Urban Forum

, Volume 23, Issue 1, pp 23–42 | Cite as

The Economic Geography of South Africa’s Call Centre Industry

  • Wayde R. Pandy
  • Christian M. RogersonEmail author


Over the past two decades, scholarship on call centres has grown with contributions from a range of disciplines including management science, urban studies, organisation studies and sociology. One aspect of call centres that has received only limited attention is their location or economic geography. This article contributes to the growing body of scholarship on call centres by investigating locational issues in the case of the developing economy of South Africa. The study highlights the critical importance for call centre location of access to labour, labour costs, public transport and availability of suitable premises. Current government incentives have little significance on location, a factor which underlies the strong concentration of call centres in South Africa’s major cities, in particular Johannesburg and Cape Town.


BPO&O Call centres South Africa Location Economic geography 



Thanks are due to Wendy Job for preparing all the figures, Andy Quinan for locational data, Rod Jones and the Call Centre Management Group for survey support, Roland Witham for assistance on industry research sources, and for comments received from referees and Skye Norfolk. The University of Johannesburg provided research funding support. Usual disclaimers apply.


  1. Agrawal, S., Goswani, K., & Chatterjee, B. (2010). The evolution of offshore outsourcing in India. Global Business Review, 11, 239–256.CrossRefGoogle Scholar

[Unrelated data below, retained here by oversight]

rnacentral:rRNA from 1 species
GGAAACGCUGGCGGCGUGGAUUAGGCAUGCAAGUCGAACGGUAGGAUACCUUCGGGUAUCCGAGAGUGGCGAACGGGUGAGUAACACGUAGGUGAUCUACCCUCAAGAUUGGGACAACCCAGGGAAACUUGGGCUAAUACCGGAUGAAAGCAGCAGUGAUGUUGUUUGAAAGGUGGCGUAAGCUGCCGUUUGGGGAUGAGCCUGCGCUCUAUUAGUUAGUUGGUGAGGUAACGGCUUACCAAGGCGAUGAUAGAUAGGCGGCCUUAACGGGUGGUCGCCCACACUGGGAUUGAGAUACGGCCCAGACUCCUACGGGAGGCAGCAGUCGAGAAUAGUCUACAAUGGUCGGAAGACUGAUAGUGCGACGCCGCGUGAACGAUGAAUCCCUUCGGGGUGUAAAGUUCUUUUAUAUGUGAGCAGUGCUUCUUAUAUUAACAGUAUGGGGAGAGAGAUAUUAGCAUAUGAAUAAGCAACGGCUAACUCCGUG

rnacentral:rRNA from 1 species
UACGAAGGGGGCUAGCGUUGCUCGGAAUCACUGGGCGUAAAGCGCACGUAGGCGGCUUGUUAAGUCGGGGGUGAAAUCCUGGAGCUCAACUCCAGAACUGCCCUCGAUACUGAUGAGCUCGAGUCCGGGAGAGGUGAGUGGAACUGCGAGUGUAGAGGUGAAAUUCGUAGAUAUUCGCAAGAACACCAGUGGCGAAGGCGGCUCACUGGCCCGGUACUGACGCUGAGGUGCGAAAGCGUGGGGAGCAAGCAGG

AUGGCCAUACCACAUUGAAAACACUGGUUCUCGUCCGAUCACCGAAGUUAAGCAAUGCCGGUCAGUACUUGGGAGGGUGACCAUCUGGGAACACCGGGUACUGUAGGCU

2. Benner, C. (2006). ‘South Africa on call’: Information technology and labour market restructuring in South African call centres. Regional Studies, 40, 1025–1040.CrossRefGoogle Scholar
  3. Benner, C., Lewis, C., & Omar, R. (2007). The South African call centre industry: A study of strategy, human resource practices and performances. Johannesburg: University of Witwatersrand Link Centre.Google Scholar
  4. Bishop, P., Gripaios, P., & Bristow, G. (2003). Determinants of call centre location: Some evidence from UK urban areas. Urban Studies, 40, 2751–2768.CrossRefGoogle Scholar
  5. Breatnach, P. (2000). Globalisation, information technology and the emergence of niche transnational cities: The growth of the call centre sector in Dublin. Geoforum, 31, 477–485.CrossRefGoogle Scholar
  6. Bristow, G., Munday, M., & Gripaios, P. (2000). Call centre growth and location: Corporate strategy and the spatial division of labour. Environment and Planning A, 32, 519–538.CrossRefGoogle Scholar
  7. C3 Africa Research (2008). National BPO & call centre report 2007/2008. Sandton: Multimedia Group and C3 Africa Research.Google Scholar
  8. (2009). Springfield contact centre industry white paper. Sydney: Scholar
  9. City of Cape Town. (2006). Economic and human development strategy: part 2—Implementation plan. Cape Town: City of Cape Town Economic and Human Development Department.Google Scholar
  10. City of Johannesburg (2008). Sector support business processing outsourcing and offshoring sector: Progress report. Report prepared for City of Johannesburg Mayoral Committee 2008-03 Department of Economic Development.Google Scholar
  11. Deloitte (2008). Contact centres and business process outsourcing in Cape Town: 2007/8 key indicator report. Report prepared for Calling the Cape, Cape Town.Google Scholar
  12. DTI. (2005). Business process outsourcing and offshoring: Sector development strategy. Pretoria: DTI.Google Scholar
  13. DTI (2008a). BPO&O Investment Incentive: Programme Guidelines, available at
  14. DTI (2008b). BPO&O Investment Incentives: Training Support Grant: Programme Guidelines, available at
  15. DTI. (2011). Industrial Policy Action Plan 2011/12–2013/14. Pretoria: DTI.Google Scholar
  16. DTI, Business Trust, & Business Process Enabling South Africa. (2009). BPO: developing the BPO sector—Report to stakeholders 2009. Johannesburg: The Business Trust.Google Scholar
  17. Ellis, V., & Taylor, P. (2006). ‘You don’t know what you’ve got till it’s gone’: Re-contextualising the origins, development and impact of the call centre. New Technology, Work and Employment, 21, 107–122.CrossRefGoogle Scholar